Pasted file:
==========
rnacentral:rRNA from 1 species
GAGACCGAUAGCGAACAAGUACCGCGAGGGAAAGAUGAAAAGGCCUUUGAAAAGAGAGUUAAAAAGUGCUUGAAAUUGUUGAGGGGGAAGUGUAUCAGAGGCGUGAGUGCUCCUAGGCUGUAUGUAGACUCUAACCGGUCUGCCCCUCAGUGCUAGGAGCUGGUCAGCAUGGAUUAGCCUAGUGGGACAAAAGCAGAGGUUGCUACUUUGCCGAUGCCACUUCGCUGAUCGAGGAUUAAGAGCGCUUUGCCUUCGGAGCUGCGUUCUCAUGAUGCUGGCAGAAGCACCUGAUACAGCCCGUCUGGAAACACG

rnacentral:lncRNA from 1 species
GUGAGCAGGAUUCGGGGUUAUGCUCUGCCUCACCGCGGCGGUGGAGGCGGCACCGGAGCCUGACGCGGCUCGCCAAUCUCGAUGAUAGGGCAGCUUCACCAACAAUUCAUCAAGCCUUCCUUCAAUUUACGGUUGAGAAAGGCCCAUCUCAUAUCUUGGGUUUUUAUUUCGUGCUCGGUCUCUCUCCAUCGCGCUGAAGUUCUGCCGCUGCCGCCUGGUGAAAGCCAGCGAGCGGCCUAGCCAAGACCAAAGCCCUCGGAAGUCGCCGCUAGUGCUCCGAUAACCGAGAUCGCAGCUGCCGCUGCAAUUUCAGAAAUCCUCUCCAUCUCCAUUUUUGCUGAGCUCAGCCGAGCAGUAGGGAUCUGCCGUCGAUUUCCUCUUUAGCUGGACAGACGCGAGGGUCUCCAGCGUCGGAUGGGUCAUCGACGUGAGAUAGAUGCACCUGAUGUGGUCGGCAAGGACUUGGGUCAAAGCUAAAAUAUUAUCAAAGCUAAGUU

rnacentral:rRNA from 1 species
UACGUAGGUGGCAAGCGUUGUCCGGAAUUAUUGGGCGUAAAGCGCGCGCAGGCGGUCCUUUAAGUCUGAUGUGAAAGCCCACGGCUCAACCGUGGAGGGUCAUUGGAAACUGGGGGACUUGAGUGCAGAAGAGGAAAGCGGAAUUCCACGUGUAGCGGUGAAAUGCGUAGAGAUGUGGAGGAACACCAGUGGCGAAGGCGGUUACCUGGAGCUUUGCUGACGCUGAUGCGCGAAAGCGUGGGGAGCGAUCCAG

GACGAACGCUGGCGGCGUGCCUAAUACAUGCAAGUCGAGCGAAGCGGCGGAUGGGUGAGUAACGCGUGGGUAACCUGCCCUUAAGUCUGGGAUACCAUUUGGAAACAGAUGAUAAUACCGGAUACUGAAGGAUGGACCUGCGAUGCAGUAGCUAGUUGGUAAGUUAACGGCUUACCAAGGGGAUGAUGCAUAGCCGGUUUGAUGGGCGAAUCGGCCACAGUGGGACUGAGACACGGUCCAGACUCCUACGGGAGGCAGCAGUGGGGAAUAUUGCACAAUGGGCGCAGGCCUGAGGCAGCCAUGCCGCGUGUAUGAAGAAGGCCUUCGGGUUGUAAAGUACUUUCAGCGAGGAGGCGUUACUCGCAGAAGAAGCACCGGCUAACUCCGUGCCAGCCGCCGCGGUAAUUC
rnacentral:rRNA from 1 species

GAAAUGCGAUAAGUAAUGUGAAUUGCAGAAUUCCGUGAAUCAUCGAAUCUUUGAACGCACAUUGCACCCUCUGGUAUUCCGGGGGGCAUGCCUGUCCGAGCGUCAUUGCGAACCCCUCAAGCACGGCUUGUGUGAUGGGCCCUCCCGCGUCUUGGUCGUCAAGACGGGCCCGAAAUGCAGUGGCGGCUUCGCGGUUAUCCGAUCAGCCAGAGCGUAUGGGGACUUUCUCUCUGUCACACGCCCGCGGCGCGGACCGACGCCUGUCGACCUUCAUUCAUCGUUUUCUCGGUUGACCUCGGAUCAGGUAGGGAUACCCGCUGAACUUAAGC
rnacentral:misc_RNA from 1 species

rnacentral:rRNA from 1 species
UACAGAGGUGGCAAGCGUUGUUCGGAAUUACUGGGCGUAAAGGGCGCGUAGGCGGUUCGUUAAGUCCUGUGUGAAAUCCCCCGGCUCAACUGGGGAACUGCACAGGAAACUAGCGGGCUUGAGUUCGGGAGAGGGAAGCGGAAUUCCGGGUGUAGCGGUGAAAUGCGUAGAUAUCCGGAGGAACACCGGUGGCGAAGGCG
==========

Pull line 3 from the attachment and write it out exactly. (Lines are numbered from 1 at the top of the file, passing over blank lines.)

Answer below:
rnacentral:lncRNA from 1 species